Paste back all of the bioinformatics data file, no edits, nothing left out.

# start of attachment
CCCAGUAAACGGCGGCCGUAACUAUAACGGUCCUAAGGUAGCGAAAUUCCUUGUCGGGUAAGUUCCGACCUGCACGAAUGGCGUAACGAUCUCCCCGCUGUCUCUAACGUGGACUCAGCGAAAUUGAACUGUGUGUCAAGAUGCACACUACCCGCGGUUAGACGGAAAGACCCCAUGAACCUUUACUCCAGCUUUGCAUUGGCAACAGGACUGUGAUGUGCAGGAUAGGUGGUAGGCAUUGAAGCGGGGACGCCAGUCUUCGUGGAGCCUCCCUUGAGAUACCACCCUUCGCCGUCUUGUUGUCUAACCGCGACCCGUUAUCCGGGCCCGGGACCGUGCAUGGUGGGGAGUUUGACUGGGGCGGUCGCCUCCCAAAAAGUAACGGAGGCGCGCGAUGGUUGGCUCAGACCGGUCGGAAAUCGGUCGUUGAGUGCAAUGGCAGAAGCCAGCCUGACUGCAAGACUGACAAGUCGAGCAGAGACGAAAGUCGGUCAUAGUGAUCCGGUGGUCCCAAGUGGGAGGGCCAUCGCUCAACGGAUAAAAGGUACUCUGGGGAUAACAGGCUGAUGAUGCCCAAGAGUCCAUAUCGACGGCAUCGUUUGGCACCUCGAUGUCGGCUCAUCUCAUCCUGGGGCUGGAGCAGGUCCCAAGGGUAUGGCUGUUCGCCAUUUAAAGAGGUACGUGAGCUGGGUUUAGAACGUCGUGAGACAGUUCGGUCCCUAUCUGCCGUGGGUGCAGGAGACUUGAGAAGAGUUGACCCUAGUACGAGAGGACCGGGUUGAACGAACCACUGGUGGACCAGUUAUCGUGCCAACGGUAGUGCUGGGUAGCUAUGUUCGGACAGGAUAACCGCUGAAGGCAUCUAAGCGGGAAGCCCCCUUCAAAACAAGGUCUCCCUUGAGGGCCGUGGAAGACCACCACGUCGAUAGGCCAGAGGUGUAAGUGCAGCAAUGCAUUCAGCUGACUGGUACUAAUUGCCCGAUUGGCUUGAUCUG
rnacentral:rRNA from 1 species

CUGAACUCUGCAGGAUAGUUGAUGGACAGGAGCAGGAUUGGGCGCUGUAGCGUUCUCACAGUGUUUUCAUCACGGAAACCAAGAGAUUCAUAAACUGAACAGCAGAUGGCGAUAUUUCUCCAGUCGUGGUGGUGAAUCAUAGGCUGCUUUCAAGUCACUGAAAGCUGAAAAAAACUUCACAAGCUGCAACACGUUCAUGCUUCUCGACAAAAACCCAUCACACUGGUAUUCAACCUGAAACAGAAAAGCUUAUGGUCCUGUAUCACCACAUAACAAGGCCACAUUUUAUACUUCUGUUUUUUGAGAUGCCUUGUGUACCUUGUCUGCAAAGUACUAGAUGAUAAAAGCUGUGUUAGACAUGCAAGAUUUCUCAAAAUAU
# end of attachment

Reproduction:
CCCAGUAAACGGCGGCCGUAACUAUAACGGUCCUAAGGUAGCGAAAUUCCUUGUCGGGUAAGUUCCGACCUGCACGAAUGGCGUAACGAUCUCCCCGCUGUCUCUAACGUGGACUCAGCGAAAUUGAACUGUGUGUCAAGAUGCACACUACCCGCGGUUAGACGGAAAGACCCCAUGAACCUUUACUCCAGCUUUGCAUUGGCAACAGGACUGUGAUGUGCAGGAUAGGUGGUAGGCAUUGAAGCGGGGACGCCAGUCUUCGUGGAGCCUCCCUUGAGAUACCACCCUUCGCCGUCUUGUUGUCUAACCGCGACCCGUUAUCCGGGCCCGGGACCGUGCAUGGUGGGGAGUUUGACUGGGGCGGUCGCCUCCCAAAAAGUAACGGAGGCGCGCGAUGGUUGGCUCAGACCGGUCGGAAAUCGGUCGUUGAGUGCAAUGGCAGAAGCCAGCCUGACUGCAAGACUGACAAGUCGAGCAGAGACGAAAGUCGGUCAUAGUGAUCCGGUGGUCCCAAGUGGGAGGGCCAUCGCUCAACGGAUAAAAGGUACUCUGGGGAUAACAGGCUGAUGAUGCCCAAGAGUCCAUAUCGACGGCAUCGUUUGGCACCUCGAUGUCGGCUCAUCUCAUCCUGGGGCUGGAGCAGGUCCCAAGGGUAUGGCUGUUCGCCAUUUAAAGAGGUACGUGAGCUGGGUUUAGAACGUCGUGAGACAGUUCGGUCCCUAUCUGCCGUGGGUGCAGGAGACUUGAGAAGAGUUGACCCUAGUACGAGAGGACCGGGUUGAACGAACCACUGGUGGACCAGUUAUCGUGCCAACGGUAGUGCUGGGUAGCUAUGUUCGGACAGGAUAACCGCUGAAGGCAUCUAAGCGGGAAGCCCCCUUCAAAACAAGGUCUCCCUUGAGGGCCGUGGAAGACCACCACGUCGAUAGGCCAGAGGUGUAAGUGCAGCAAUGCAUUCAGCUGACUGGUACUAAUUGCCCGAUUGGCUUGAUCUG
rnacentral:rRNA from 1 species

CUGAACUCUGCAGGAUAGUUGAUGGACAGGAGCAGGAUUGGGCGCUGUAGCGUUCUCACAGUGUUUUCAUCACGGAAACCAAGAGAUUCAUAAACUGAACAGCAGAUGGCGAUAUUUCUCCAGUCGUGGUGGUGAAUCAUAGGCUGCUUUCAAGUCACUGAAAGCUGAAAAAAACUUCACAAGCUGCAACACGUUCAUGCUUCUCGACAAAAACCCAUCACACUGGUAUUCAACCUGAAACAGAAAAGCUUAUGGUCCUGUAUCACCACAUAACAAGGCCACAUUUUAUACUUCUGUUUUUUGAGAUGCCUUGUGUACCUUGUCUGCAAAGUACUAGAUGAUAAAAGCUGUGUUAGACAUGCAAGAUUUCUCAAAAUAU